Recently I had the opportunity to visit a a widow and her son in Armenia who are supported by World Vision, and wrote about the experience in a post called “Dear Rick and Becky, I Hope You11044637_10153018341292211_5925158305573509326_o Get To Read This.” We sat in their tiny makeshift home and listened to their story of heartache, loss, and poverty- a story of such sorrow that the mother couldn’t tell it without choking up, and we couldn’t listen without doing the same. However, their story did have one beautiful part: their sponsors, Rick and Becky, from World Vision. They told me about how much their letters are a source of encouragement in a discouraging life, and how they feel like Rick and Becky are part of their family. After hearing their story, I was given the honor of leading the World Vision team in prayer. As I prayed I thought about the 15,000-19,000 kids who relied on these letters as a source of encouragement, but who just stopped getting them abruptly because their sponsors had a problem with World Vision employing a gay person. I wondered how this boy and his mom would have felt had Rick and Becky just abruptly exited their lives (which they didn’t), or how all the children who did experience that loss must have felt.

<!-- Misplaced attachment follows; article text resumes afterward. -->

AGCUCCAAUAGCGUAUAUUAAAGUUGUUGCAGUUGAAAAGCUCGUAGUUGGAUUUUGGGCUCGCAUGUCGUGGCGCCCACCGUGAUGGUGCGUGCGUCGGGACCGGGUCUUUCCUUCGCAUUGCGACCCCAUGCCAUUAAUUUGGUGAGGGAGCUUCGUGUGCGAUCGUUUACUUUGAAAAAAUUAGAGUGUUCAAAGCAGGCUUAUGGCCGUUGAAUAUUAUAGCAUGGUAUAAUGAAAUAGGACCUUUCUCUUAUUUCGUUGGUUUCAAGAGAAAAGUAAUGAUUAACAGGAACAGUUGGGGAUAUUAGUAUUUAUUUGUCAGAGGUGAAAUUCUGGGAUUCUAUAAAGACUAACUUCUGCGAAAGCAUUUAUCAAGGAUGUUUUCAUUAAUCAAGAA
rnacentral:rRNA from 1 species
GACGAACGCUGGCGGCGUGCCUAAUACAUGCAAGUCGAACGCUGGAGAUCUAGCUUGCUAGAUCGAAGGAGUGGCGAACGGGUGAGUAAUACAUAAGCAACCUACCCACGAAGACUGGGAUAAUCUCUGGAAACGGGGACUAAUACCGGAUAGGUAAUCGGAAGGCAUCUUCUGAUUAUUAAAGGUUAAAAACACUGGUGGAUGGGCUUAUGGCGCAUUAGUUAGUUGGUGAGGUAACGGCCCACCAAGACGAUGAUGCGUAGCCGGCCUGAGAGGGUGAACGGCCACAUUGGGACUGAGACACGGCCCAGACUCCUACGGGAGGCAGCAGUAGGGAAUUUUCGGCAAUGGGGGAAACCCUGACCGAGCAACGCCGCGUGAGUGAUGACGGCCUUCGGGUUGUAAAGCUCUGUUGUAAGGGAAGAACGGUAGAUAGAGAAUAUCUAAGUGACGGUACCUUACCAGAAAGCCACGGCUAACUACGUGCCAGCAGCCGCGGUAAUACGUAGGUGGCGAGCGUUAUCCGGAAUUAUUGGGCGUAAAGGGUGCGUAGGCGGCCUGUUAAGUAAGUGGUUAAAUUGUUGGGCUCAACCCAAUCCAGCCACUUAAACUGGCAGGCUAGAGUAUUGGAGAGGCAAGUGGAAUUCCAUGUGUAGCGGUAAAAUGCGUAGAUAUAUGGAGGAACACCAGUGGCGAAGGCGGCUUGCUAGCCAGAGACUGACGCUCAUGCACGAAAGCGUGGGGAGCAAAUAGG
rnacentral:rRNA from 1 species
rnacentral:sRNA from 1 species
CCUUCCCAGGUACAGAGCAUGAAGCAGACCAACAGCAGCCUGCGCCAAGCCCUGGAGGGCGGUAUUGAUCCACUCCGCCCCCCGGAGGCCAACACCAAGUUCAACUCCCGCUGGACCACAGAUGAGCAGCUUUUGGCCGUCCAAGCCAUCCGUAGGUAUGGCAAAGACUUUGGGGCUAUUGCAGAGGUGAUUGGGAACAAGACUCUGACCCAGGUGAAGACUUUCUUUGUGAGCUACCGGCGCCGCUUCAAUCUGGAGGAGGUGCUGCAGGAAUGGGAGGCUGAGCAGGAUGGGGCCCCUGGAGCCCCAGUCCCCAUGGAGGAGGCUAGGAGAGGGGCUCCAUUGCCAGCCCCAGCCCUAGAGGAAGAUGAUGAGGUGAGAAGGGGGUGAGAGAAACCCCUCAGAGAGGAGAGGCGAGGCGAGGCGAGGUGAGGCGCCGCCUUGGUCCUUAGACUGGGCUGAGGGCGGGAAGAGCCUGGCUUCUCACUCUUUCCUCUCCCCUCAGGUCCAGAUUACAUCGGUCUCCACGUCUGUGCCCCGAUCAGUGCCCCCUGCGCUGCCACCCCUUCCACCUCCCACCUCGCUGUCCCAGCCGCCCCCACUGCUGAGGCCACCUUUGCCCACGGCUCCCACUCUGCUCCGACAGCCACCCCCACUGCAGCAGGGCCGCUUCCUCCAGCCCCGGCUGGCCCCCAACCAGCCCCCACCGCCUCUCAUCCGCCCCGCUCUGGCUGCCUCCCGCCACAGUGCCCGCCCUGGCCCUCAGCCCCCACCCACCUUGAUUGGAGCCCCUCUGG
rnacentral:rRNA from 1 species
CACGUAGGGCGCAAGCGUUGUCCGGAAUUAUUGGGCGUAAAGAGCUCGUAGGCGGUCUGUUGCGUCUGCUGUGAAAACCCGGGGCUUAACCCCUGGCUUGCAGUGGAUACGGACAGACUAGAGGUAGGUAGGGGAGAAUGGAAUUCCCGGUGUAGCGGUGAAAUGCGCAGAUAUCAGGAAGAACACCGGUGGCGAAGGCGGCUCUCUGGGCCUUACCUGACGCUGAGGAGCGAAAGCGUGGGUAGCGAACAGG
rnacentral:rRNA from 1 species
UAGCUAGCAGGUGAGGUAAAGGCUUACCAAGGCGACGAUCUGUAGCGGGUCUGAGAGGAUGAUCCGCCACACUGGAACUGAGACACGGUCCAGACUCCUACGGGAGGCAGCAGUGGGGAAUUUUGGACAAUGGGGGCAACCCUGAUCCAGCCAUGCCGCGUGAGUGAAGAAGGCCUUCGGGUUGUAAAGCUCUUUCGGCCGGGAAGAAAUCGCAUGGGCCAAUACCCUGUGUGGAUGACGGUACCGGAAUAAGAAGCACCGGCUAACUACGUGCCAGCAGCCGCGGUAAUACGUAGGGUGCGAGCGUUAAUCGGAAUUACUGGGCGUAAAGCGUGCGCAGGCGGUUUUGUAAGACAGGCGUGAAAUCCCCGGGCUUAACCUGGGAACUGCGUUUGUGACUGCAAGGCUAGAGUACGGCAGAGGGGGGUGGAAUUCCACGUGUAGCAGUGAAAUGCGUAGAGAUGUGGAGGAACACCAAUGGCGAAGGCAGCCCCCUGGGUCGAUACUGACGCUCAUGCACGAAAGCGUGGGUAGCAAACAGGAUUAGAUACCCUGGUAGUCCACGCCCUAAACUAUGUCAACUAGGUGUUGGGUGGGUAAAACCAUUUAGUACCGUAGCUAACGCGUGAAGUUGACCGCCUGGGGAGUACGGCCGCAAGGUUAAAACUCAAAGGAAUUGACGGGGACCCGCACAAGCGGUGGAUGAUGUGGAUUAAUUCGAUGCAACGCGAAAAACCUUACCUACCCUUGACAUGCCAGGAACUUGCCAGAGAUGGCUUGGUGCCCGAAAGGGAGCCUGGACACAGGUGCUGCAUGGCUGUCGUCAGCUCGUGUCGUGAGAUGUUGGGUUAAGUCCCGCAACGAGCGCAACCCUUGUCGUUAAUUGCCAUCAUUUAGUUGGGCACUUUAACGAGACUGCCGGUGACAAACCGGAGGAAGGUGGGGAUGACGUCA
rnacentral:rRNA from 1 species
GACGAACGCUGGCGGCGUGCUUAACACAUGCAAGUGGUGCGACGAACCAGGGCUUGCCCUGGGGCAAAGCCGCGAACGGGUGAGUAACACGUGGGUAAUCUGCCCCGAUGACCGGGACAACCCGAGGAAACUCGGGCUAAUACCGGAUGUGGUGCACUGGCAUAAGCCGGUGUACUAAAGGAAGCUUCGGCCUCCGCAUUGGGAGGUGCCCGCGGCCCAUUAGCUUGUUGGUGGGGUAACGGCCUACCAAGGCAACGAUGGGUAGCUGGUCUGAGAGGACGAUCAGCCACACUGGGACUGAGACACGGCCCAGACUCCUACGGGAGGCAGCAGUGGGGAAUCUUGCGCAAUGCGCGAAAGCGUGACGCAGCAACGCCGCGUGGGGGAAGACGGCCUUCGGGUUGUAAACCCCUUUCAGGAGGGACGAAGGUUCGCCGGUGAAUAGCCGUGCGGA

I don’t know how to express the emotions I felt when I realized the crushing loss that being abandoned by a sponsor must have been, other than it was combination of feeling broken hearted and royally pissed all at the same time.

Here’s reality: there have been between 15,000 – 19,000 children like the one you see here– children who viewed their sponsors as part of the family and a lifeline– who abruptly stopped receiving letters. The relationships were broken and dismissed. No more encouraging notes. No more special gifts on birthdays or holidays. No more funds for emergency clothing or food rations. It just stopped.

For up to 19,000 children. Let that sink in.